Register Forgot login?

© 2002-2019
Encyclopaedia Metallum

Best viewed
without Internet Explorer,
in 1280 x 960 resolution
or higher.

Privacy Policy

Vicious for anger, melodic for beer - 90%

gasmask_colostomy, August 17th, 2017

I'm looking for pissed off music tonight and although Skeletonwitch are a touch too melodic to really make me feel like someone is smashing stuff in my brain, there's enough frenetic energy and bone-snapping time changes in Beyond the Permafrost that I won't complain too much. Also, a little catchiness makes it easier to drink beer at the same time, so prepare yourself for this review to lose all sense of structure after the second paragraph.

I used to have a really stupid prejudice against Skeletonwitch, which was that I didn't like them because their songs were too short. You can laugh if you like because that is pretty retarded. You see, I believed that any song under 2:30 couldn't possibly contain enough content to make it worth listening to (grindcore, that's one in the eye for you), while the only albums I regularly listen to with sub-three minute songs are by Static-X and Slayer. Both the reason for and the answer to that prejudice are contained in those two references and it's reassuring to know that Beyond the Permafrost goes much closer to Reign in Blood than Shadow Zone, which despite having regular rotation on my Ipod admittedly doesn't have the brains of most other kinds of music I like. Slayer managed to keep the songs brief because of two reasons - speed and concision - and those are the same two reasons why this album succeeds. There is almost no fat to be found whatsoever, most songs getting brutally to the point within the first 10 seconds and that point being nailed home without needing to repeat the same sections too many times.

When you're pissed off, that's an excellent feature for your soundtrack to have, since you don't really have the patience to sit through long build-ups or choruses milked till the udder bleeds, plus there's the added bonus that these guys really know how to change direction on a dime and go with whatever change is made for the rest of the song if necessary. If you're looking for a name for that it's unpredictability. The manner in which 'Sacrifice for the Slaughter God' leaps off its chuggy tracks after about a minute, bursts into a frantic melodic black metal riff and ploughs straight on into a glorious solo doesn't need to be described twice to make you want to hear it for yourself, nor do the ideal hooks of 'Baptized in Flame', or the flat-out icy rifforama of 'Soul Thrashing Black Sorcery', and so on. That of course means that we are dealing with some very gifted instrumentalists, especially the drummer Derrick Nau, who gets so much of a workout with both arms and legs that he won't be able to scratch his nose or walk to the bathroom until next week, while the guitarists prove that sometimes speed is everything provided that it can be balanced with some slower sections for contrast.

The only sticking points I can imagine people having for this album is Chance Garnette and the melodic guitar work. If you don't like the singer's low and grubby voice then you'll be glad to learn that he's out of the band now, but he has a remarkable gurgly velocity to his delivery that suits the thrashing pace and the suddenness of his bandmembers' movements. He doesn't waste words either, allowing plenty of time for the guitars to do their own thing and giving a few death metal roars a good whack to improve on the visceral quality of some of the riffs. Most people will tell you that Skeletonwitch sit at the divide between thrash and melodeath, but I'm not so sure, not only because of Garnette's unusual voice but also because of the lack of thrashy techniques the band utilize and the frostiness illuminating more than half the album. Thus, I would put the band in a weird sort of speed/black hybrid, though I would add back in the picking style of a band like Arsis, which can be heard on the technical sweep-picking heaven of 'Fire from the Sky', not to mention several other feats of terrific riffing action. Then there are other interesting markers to other bands, such as 'Remains of the Defeated', which is basically the opening of a Witchery song (I think it's 'Omens') but a little cooler and the Aura Noir intro to 'Feast Upon Flesh', while some of the more fun songs like 'Upon Black Wings' are reminiscent of Toxic Holocaust at their arse-kicking best.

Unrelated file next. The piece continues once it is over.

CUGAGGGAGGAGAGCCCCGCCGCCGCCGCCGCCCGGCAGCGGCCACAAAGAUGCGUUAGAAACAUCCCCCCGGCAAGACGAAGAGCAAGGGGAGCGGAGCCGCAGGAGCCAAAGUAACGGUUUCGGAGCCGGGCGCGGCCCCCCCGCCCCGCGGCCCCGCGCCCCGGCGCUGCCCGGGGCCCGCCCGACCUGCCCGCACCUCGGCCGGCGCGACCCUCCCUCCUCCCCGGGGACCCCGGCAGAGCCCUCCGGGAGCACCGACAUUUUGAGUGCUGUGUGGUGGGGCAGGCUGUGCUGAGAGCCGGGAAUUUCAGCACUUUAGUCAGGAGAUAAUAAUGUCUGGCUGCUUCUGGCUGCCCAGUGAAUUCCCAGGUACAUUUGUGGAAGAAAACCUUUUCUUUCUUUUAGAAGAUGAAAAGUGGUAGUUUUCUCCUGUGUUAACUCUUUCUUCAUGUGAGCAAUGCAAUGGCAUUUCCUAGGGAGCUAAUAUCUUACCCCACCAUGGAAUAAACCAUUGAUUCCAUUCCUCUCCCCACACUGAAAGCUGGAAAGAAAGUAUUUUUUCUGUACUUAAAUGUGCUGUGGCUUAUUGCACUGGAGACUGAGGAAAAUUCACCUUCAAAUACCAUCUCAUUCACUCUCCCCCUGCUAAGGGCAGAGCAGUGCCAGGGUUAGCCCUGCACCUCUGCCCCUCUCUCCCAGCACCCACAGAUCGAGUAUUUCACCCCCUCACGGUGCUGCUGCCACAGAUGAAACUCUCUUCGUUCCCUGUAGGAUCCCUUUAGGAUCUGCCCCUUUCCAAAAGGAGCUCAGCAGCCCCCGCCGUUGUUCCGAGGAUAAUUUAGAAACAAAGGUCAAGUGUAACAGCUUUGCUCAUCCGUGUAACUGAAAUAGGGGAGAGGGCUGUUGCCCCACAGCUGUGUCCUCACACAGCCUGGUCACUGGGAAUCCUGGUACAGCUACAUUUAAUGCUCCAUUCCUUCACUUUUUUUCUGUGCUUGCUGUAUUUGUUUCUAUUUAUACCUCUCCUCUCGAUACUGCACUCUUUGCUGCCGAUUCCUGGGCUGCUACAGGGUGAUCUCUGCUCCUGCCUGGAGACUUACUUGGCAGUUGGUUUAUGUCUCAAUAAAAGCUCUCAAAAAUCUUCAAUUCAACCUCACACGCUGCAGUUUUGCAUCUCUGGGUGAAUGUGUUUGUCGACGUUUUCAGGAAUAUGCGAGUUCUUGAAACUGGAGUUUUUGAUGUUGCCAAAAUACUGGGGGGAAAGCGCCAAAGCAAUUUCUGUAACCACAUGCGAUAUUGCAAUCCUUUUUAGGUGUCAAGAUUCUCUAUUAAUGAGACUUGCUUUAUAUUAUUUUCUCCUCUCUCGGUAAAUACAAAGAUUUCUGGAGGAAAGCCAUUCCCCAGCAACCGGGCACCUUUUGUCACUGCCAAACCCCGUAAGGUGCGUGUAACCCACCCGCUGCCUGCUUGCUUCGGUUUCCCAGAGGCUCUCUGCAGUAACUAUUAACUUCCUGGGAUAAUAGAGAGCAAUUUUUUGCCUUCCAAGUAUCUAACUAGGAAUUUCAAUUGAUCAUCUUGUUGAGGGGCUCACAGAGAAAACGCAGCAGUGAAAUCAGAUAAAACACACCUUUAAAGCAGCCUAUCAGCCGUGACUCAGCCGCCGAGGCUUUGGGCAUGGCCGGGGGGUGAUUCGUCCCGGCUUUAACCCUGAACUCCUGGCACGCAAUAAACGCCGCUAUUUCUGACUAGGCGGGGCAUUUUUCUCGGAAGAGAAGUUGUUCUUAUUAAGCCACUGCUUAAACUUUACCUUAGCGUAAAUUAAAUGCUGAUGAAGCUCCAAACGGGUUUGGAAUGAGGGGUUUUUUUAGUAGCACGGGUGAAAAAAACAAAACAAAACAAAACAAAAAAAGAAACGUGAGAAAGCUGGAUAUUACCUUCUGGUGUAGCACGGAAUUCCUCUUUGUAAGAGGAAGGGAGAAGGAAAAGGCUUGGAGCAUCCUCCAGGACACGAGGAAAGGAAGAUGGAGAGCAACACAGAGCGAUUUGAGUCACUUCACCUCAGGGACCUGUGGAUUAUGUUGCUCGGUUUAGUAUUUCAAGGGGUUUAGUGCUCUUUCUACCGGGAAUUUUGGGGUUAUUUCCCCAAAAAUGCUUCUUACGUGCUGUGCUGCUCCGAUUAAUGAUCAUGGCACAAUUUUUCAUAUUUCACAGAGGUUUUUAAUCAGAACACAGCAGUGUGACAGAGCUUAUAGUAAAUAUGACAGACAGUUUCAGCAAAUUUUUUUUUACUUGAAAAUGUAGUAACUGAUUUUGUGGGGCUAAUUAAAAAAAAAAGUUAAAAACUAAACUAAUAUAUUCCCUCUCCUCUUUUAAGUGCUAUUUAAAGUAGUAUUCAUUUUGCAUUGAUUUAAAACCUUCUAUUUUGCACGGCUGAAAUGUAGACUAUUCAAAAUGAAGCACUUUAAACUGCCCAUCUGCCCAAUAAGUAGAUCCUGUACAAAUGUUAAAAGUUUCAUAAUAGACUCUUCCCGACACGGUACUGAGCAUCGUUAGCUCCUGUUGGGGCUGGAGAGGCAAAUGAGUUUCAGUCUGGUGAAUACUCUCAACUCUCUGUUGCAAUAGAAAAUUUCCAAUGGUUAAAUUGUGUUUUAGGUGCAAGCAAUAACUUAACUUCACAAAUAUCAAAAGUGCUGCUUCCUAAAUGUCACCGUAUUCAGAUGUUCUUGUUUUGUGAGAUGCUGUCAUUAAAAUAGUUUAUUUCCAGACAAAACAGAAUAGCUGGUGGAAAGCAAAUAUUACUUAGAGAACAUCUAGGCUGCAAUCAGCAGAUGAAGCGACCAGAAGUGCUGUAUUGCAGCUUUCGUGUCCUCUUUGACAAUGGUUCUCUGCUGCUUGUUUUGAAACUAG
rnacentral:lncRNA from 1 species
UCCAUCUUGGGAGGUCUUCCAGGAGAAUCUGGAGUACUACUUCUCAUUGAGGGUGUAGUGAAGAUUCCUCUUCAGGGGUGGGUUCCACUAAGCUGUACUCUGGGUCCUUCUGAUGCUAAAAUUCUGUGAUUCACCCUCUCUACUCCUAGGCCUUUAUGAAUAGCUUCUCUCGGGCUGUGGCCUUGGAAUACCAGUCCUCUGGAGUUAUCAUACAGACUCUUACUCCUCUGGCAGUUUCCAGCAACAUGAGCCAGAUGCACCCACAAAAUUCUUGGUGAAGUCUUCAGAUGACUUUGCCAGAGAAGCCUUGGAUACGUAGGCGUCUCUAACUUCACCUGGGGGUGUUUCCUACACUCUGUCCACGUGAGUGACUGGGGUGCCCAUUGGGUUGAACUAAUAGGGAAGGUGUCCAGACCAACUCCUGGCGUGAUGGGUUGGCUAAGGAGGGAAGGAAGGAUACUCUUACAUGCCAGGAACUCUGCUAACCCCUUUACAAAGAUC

So that's the point where the structure melted away, though at least I've remembered that I need to say something about the melodic guitar work. Of course there's nothing wrong with melodic guitar work on a speed/extreme metal album, but perhaps some people might be expecting something heavier and more atmospheric than the classic lead that joins us partway through 'Upon Black Wings' or the surprisingly thoughtful solo in 'Vengeance Will Be Mine'. However, if you're a naysayer for that reason, that's about as stupid as disliking a band because of their song lengths...which I've come to realize is quite a fucked way of judging musical quality, especially because 'Within My Blood' is certainly not the finest song on Beyond the Permafrost despite its "normal" length. Now comes the point when I should answer about which songs are the best and I'm going to go with the three that I picked out in the third paragraph, plus the excellent 'Fire from the Sky'. That said, I've also found one advantage of these piddly little songs - if one of them sucks, it's over before you need to skip it. And, in fact, I didn't skip anything. Good stuff for beer and anger.